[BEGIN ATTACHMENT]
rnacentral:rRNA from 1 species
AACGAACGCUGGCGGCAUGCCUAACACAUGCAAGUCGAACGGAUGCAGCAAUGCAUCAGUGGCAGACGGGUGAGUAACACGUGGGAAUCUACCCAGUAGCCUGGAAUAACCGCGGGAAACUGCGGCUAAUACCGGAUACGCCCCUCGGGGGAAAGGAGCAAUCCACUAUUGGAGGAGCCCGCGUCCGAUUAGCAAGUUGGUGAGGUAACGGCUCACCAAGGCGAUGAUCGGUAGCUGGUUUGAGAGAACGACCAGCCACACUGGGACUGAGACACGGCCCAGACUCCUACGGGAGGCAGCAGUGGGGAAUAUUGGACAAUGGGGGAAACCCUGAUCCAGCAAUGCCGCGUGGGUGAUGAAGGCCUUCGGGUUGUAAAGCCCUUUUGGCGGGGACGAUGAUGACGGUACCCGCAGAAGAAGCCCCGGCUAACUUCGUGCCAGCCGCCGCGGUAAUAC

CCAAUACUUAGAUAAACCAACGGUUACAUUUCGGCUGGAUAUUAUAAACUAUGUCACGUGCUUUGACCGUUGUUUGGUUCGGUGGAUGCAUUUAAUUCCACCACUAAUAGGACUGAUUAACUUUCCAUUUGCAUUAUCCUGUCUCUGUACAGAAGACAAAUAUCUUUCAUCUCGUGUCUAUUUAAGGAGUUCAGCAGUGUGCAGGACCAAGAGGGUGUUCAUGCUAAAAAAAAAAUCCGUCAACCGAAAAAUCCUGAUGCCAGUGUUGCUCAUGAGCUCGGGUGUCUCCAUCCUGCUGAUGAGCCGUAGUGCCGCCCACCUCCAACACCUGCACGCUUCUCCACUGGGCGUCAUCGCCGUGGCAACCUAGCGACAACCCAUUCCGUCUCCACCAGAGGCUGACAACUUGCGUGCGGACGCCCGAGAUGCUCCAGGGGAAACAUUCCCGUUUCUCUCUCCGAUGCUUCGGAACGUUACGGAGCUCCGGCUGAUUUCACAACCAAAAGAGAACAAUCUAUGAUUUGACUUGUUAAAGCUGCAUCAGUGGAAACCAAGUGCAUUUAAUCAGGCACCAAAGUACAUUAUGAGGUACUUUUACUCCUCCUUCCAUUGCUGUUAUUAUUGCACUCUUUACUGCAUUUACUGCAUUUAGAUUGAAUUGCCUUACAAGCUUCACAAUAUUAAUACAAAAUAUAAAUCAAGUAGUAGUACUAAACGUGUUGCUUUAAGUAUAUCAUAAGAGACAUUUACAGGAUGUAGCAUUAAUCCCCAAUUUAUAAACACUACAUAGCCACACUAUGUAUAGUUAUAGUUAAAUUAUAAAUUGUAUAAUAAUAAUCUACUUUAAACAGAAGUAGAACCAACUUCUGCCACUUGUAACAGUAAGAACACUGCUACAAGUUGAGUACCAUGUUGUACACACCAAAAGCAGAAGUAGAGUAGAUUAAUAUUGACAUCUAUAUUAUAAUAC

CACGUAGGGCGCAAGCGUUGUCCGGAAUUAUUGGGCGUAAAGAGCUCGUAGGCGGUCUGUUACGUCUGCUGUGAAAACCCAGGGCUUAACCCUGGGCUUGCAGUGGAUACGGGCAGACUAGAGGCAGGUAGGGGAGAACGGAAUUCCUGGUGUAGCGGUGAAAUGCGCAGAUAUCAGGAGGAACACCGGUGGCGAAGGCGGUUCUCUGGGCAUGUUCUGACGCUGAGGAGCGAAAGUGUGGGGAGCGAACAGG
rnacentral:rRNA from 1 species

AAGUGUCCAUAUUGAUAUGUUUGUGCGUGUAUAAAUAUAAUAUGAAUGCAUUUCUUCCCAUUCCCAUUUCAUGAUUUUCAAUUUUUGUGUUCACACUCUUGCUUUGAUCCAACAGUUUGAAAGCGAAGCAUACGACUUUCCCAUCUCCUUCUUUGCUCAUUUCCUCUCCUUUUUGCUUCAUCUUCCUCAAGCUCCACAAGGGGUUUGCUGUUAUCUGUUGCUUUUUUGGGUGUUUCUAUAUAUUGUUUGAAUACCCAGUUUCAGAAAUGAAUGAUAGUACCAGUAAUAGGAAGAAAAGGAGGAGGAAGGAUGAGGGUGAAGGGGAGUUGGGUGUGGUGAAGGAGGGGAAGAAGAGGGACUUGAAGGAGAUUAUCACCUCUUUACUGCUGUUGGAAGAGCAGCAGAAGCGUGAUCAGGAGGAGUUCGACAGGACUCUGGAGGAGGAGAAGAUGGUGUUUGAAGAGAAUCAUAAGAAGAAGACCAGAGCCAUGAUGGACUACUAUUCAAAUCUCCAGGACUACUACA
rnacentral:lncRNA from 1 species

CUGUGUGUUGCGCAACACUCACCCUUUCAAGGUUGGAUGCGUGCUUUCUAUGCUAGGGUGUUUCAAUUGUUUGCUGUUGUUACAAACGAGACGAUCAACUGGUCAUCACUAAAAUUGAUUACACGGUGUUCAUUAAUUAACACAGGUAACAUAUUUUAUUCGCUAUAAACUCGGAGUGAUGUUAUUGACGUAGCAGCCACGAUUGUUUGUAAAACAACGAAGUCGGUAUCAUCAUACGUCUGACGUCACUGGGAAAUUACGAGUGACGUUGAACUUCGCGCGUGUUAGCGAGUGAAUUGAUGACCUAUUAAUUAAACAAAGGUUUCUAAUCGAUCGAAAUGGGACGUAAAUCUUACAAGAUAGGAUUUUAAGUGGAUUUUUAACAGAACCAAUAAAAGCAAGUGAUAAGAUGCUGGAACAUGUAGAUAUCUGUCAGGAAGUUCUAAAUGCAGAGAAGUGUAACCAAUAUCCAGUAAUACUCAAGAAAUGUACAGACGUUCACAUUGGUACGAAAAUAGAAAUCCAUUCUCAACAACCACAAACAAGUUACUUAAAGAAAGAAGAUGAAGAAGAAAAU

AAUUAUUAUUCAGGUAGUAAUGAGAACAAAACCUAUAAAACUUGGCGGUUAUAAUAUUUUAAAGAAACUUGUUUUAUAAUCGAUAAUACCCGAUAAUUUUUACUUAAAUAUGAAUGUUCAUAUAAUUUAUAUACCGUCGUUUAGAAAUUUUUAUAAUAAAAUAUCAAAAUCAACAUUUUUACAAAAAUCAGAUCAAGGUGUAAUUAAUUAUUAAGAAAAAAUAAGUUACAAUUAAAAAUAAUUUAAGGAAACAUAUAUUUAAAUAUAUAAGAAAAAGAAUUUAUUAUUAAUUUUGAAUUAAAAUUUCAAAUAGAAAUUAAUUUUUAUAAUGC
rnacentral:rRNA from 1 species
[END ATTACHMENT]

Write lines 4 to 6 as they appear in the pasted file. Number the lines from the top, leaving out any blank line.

CACGUAGGGCGCAAGCGUUGUCCGGAAUUAUUGGGCGUAAAGAGCUCGUAGGCGGUCUGUUACGUCUGCUGUGAAAACCCAGGGCUUAACCCUGGGCUUGCAGUGGAUACGGGCAGACUAGAGGCAGGUAGGGGAGAACGGAAUUCCUGGUGUAGCGGUGAAAUGCGCAGAUAUCAGGAGGAACACCGGUGGCGAAGGCGGUUCUCUGGGCAUGUUCUGACGCUGAGGAGCGAAAGUGUGGGGAGCGAACAGG
rnacentral:rRNA from 1 species

AAGUGUCCAUAUUGAUAUGUUUGUGCGUGUAUAAAUAUAAUAUGAAUGCAUUUCUUCCCAUUCCCAUUUCAUGAUUUUCAAUUUUUGUGUUCACACUCUUGCUUUGAUCCAACAGUUUGAAAGCGAAGCAUACGACUUUCCCAUCUCCUUCUUUGCUCAUUUCCUCUCCUUUUUGCUUCAUCUUCCUCAAGCUCCACAAGGGGUUUGCUGUUAUCUGUUGCUUUUUUGGGUGUUUCUAUAUAUUGUUUGAAUACCCAGUUUCAGAAAUGAAUGAUAGUACCAGUAAUAGGAAGAAAAGGAGGAGGAAGGAUGAGGGUGAAGGGGAGUUGGGUGUGGUGAAGGAGGGGAAGAAGAGGGACUUGAAGGAGAUUAUCACCUCUUUACUGCUGUUGGAAGAGCAGCAGAAGCGUGAUCAGGAGGAGUUCGACAGGACUCUGGAGGAGGAGAAGAUGGUGUUUGAAGAGAAUCAUAAGAAGAAGACCAGAGCCAUGAUGGACUACUAUUCAAAUCUCCAGGACUACUACA